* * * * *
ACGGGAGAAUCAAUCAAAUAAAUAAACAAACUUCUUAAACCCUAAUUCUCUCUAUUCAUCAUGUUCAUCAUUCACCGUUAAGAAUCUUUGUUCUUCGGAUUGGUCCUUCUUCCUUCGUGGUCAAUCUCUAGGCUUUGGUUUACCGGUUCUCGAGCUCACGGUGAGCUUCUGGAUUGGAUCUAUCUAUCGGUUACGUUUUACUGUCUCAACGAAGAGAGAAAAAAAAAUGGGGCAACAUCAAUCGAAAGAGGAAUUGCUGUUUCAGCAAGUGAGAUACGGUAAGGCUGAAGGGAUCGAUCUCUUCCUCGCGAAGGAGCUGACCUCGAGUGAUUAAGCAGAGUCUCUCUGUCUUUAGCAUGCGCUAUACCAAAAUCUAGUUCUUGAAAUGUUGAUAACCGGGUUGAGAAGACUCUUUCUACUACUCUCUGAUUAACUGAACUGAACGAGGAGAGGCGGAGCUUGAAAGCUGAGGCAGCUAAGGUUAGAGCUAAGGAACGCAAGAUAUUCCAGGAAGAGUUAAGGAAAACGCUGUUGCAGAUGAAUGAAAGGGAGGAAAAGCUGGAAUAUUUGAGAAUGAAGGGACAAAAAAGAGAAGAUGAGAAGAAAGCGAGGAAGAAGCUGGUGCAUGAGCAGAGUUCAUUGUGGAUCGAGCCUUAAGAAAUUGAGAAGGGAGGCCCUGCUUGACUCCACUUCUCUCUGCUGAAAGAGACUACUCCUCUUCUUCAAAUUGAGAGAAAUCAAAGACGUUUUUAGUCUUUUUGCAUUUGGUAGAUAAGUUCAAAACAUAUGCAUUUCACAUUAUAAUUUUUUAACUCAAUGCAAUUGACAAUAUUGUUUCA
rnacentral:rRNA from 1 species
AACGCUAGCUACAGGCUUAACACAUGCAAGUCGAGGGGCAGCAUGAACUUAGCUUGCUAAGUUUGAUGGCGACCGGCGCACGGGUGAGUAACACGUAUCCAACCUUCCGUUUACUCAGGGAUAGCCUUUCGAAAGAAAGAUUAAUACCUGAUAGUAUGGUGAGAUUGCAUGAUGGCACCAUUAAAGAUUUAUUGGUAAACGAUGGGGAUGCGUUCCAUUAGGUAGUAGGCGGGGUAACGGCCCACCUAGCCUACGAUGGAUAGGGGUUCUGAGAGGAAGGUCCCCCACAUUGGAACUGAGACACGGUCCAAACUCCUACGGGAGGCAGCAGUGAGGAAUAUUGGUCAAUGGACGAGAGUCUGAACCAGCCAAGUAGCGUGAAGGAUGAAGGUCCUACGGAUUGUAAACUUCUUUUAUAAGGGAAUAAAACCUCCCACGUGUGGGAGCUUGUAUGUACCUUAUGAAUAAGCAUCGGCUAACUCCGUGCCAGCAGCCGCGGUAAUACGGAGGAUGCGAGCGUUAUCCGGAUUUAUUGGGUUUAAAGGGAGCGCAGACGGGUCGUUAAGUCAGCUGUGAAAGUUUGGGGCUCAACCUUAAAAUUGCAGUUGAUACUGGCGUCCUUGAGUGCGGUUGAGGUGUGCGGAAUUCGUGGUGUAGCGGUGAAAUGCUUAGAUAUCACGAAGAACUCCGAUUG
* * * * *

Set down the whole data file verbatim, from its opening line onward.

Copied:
ACGGGAGAAUCAAUCAAAUAAAUAAACAAACUUCUUAAACCCUAAUUCUCUCUAUUCAUCAUGUUCAUCAUUCACCGUUAAGAAUCUUUGUUCUUCGGAUUGGUCCUUCUUCCUUCGUGGUCAAUCUCUAGGCUUUGGUUUACCGGUUCUCGAGCUCACGGUGAGCUUCUGGAUUGGAUCUAUCUAUCGGUUACGUUUUACUGUCUCAACGAAGAGAGAAAAAAAAAUGGGGCAACAUCAAUCGAAAGAGGAAUUGCUGUUUCAGCAAGUGAGAUACGGUAAGGCUGAAGGGAUCGAUCUCUUCCUCGCGAAGGAGCUGACCUCGAGUGAUUAAGCAGAGUCUCUCUGUCUUUAGCAUGCGCUAUACCAAAAUCUAGUUCUUGAAAUGUUGAUAACCGGGUUGAGAAGACUCUUUCUACUACUCUCUGAUUAACUGAACUGAACGAGGAGAGGCGGAGCUUGAAAGCUGAGGCAGCUAAGGUUAGAGCUAAGGAACGCAAGAUAUUCCAGGAAGAGUUAAGGAAAACGCUGUUGCAGAUGAAUGAAAGGGAGGAAAAGCUGGAAUAUUUGAGAAUGAAGGGACAAAAAAGAGAAGAUGAGAAGAAAGCGAGGAAGAAGCUGGUGCAUGAGCAGAGUUCAUUGUGGAUCGAGCCUUAAGAAAUUGAGAAGGGAGGCCCUGCUUGACUCCACUUCUCUCUGCUGAAAGAGACUACUCCUCUUCUUCAAAUUGAGAGAAAUCAAAGACGUUUUUAGUCUUUUUGCAUUUGGUAGAUAAGUUCAAAACAUAUGCAUUUCACAUUAUAAUUUUUUAACUCAAUGCAAUUGACAAUAUUGUUUCA
rnacentral:rRNA from 1 species
AACGCUAGCUACAGGCUUAACACAUGCAAGUCGAGGGGCAGCAUGAACUUAGCUUGCUAAGUUUGAUGGCGACCGGCGCACGGGUGAGUAACACGUAUCCAACCUUCCGUUUACUCAGGGAUAGCCUUUCGAAAGAAAGAUUAAUACCUGAUAGUAUGGUGAGAUUGCAUGAUGGCACCAUUAAAGAUUUAUUGGUAAACGAUGGGGAUGCGUUCCAUUAGGUAGUAGGCGGGGUAACGGCCCACCUAGCCUACGAUGGAUAGGGGUUCUGAGAGGAAGGUCCCCCACAUUGGAACUGAGACACGGUCCAAACUCCUACGGGAGGCAGCAGUGAGGAAUAUUGGUCAAUGGACGAGAGUCUGAACCAGCCAAGUAGCGUGAAGGAUGAAGGUCCUACGGAUUGUAAACUUCUUUUAUAAGGGAAUAAAACCUCCCACGUGUGGGAGCUUGUAUGUACCUUAUGAAUAAGCAUCGGCUAACUCCGUGCCAGCAGCCGCGGUAAUACGGAGGAUGCGAGCGUUAUCCGGAUUUAUUGGGUUUAAAGGGAGCGCAGACGGGUCGUUAAGUCAGCUGUGAAAGUUUGGGGCUCAACCUUAAAAUUGCAGUUGAUACUGGCGUCCUUGAGUGCGGUUGAGGUGUGCGGAAUUCGUGGUGUAGCGGUGAAAUGCUUAGAUAUCACGAAGAACUCCGAUUG